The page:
Beer history

Living Beer and the Rhetoric of Whole Food

Wholefood store scanned from a 1970s cookery book.

We haven’t drawn any firm conclusions on this subject yet, but see what you make of these quotations. (Our emphasis throughout.)

“For this reason ‘whole’ corn meal, which contains the germ, will have a greater life-containing, life-giving quality than the ‘degermed’ cornmeal found in supermarkets. Whole cornmeal is a “live” food — it spoils when the oil in the germ becomes rancid. Degermed cornmeal is a ‘dead’ food, as it lacks the germ (of life). Hence, it can be kept on grocery shelves for months without spoiling, though like all milled grains it does become stale.” Edward Espe Brown, Tassajara Bread Book, 1970.

“…’natural foods’ now threaten to replace ‘gourmet cooking’ as the main topic of food conversations… More than just a revival of old familiar food fads, this is part of the general concern now felt about the deterioration of our environment. Boredom with too much smooth, bland, overprocessed and sweet food has helped to attract not only the expected faddists, hypochondriacs and axe-grinders, but at least a proportion of scientists, especially nutritionists and conservationists.” ‘From Cranks to Nuts’, The Times, 7 August 1971.

“We opted at first for a high strength bitter brewed just from malt, hops, yeast and water. As well as being more wholesome this would also be simpler to produce.” Martin Sykes recalling the founding of the Selby Brewery in 1972, Called to the Bar, 1991.

“…the adulterated sludge that is glorified under the name of keg.” Michael Hardman, CAMRA’s What’s Brewing?, June 1972.

“The first distinction that must be made by the discerning drinker of draught beer is between keg, top-pressure, and traditional (the Real Thing)… traditional beer is alive while keg ber, like most bottled beer, is dead.” Richard Boston, ‘The Quick and the Dead’, The Guardian, 25 August 1973.

“British brewers are practically free to tamper with their beer as much as they want, unlike their colleagues in West Germany, who are forbidden by law to use any ingredient other than malt, hops and water… Fortunately, many brewers in Britain have kept faithful to nature, and beer brewed and served naturally can be found in nearly every corner of the country.” Michael Hardman, Beer Naturally, 1978.

“‘Real ale’ is the popular name for traditional beer brewed for centuries in Britain from malted barley and hops, with hundreds of regional variations in recipe and taste… Many brewers, big and small, use adjuncts in the brewing process. Flaked maize, potato starch, pasta flour, rice grits, malt and hop extracts will probably do you no harm but they are detrimental to the flavour of the beer.” CAMRA Good Beer Guide, 1978.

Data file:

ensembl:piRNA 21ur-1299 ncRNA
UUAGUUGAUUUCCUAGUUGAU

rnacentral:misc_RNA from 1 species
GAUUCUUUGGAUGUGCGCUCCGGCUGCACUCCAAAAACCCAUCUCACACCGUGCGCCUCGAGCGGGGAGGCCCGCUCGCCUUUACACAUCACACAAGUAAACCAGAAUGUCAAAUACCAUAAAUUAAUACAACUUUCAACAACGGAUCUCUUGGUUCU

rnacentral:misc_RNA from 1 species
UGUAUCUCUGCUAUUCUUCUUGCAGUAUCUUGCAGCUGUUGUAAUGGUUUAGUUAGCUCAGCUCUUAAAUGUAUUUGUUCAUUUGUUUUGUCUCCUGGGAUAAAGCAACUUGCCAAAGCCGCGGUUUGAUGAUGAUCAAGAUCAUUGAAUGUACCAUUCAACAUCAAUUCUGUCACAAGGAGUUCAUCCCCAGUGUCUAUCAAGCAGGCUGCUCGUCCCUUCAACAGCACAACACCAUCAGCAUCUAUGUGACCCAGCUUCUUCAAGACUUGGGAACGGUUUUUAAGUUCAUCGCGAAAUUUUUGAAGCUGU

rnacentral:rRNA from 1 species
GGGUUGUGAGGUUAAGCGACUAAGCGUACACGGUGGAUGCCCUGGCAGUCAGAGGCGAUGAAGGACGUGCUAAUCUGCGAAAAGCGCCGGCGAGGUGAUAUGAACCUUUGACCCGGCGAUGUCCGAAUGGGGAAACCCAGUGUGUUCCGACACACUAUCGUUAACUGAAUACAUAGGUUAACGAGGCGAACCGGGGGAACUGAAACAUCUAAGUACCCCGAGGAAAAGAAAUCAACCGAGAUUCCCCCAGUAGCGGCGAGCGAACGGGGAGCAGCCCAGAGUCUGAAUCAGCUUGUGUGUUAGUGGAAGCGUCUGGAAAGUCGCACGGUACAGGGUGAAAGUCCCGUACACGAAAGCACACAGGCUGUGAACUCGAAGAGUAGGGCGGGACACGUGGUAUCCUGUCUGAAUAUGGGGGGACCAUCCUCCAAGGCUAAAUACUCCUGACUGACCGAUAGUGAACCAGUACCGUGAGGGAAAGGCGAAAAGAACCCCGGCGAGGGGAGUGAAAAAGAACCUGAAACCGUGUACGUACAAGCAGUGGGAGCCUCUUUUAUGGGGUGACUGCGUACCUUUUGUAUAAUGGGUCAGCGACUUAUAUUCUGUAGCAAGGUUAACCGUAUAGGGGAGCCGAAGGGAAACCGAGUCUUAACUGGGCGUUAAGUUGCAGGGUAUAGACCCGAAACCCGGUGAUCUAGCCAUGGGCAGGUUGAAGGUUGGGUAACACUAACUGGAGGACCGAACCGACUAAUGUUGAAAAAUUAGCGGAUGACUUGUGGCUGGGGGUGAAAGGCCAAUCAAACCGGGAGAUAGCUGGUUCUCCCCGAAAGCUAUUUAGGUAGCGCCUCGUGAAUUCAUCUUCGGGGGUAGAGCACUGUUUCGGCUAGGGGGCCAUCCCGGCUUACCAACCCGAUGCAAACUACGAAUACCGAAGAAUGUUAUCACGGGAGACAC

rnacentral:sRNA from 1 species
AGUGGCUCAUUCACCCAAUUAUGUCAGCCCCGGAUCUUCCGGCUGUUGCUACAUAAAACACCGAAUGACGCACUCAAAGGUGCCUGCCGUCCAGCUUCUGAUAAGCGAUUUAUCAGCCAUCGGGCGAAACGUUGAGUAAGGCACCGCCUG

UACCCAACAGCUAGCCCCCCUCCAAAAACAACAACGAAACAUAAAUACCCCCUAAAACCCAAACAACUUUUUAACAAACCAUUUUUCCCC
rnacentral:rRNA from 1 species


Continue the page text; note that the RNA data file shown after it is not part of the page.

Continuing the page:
Poor, faithful old sugar, written out of history

5 replies on “Living Beer and the Rhetoric of Whole Food”

Might be worth seeing if The Good Life features any thing about ‘living’ beer, given its riff on self-sufficiency — did Tom and Barbara (?) drink real ale and Margo and Jerry (?) keg. The 1970s was also when John Seymour’s Handbook of Self Succiency was big, it had a chapter on brewing your own beer I think.

The Good Life was all about the vegetable wine…: “It’s hurting the back of my eyes!”

CAMRA’s complex enough, though, that Jerry might have joined out of a desire to preserve Olde England, while Tom would be in it for the living beer and to stick it to The Man.

I think you’re on to something here. I’d forgotten all about the Tassajara Bread Book, but it was quite a big deal at the time.

The thing to bear in mind is that for every proper hardcore hippie there were ten people who were sort of interested in that whole sort of thing and fifty who thought there was some interesting stuff going on although they wouldn’t necessarily go the whole way with it. Say one vegan to ten vegetarians to fifty people who sometimes cooked vegetarian (even when there weren’t any vegetarian guests). Left bookshops spread this stuff; local campaign groups were a good environment for it, as were some churches (including my parents’!).

So, while it wouldn’t be true to say that CAMRA grew out of the hippie scene – the hippie scene was never really into beer, and besides it wasn’t that big – it certainly grew in ground that had been prepared by the hippies.

Camra always forget by the 70’s British brewer have been using flaked maize for over a century!!!

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